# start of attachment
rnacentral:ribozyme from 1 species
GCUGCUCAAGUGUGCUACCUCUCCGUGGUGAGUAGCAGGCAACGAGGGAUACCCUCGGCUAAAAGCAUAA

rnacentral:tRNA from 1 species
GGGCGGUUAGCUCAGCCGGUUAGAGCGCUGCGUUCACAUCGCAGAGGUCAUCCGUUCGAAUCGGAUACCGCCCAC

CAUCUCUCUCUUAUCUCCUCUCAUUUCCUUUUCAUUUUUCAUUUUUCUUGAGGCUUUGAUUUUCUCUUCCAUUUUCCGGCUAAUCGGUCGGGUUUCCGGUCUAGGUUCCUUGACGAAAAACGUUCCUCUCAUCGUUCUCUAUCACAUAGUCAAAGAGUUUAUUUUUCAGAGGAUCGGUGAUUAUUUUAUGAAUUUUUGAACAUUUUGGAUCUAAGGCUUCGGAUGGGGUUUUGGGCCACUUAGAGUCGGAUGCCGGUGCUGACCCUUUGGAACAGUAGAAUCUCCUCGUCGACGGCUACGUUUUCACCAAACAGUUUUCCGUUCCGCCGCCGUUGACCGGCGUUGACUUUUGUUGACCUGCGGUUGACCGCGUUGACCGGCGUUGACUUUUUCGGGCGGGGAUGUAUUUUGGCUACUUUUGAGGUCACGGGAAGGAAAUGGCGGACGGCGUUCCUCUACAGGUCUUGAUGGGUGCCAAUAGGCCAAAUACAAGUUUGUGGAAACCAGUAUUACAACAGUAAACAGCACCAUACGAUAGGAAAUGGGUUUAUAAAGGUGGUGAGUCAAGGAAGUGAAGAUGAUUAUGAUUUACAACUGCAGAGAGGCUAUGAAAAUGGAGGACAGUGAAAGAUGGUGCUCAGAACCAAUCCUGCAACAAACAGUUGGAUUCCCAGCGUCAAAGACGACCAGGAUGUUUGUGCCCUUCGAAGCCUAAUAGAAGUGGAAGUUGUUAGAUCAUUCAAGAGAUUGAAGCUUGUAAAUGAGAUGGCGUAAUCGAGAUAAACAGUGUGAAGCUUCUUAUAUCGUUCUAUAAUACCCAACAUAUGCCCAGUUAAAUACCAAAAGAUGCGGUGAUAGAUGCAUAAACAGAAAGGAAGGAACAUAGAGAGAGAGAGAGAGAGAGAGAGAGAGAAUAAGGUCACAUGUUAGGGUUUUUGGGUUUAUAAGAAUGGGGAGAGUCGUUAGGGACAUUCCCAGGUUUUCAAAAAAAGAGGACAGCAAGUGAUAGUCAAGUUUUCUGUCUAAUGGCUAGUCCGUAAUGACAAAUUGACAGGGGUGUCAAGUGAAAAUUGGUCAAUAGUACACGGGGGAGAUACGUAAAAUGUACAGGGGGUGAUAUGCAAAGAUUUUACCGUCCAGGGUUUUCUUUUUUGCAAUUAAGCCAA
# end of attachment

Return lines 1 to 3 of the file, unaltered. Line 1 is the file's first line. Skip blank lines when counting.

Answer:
rnacentral:ribozyme from 1 species
GCUGCUCAAGUGUGCUACCUCUCCGUGGUGAGUAGCAGGCAACGAGGGAUACCCUCGGCUAAAAGCAUAA

rnacentral:tRNA from 1 species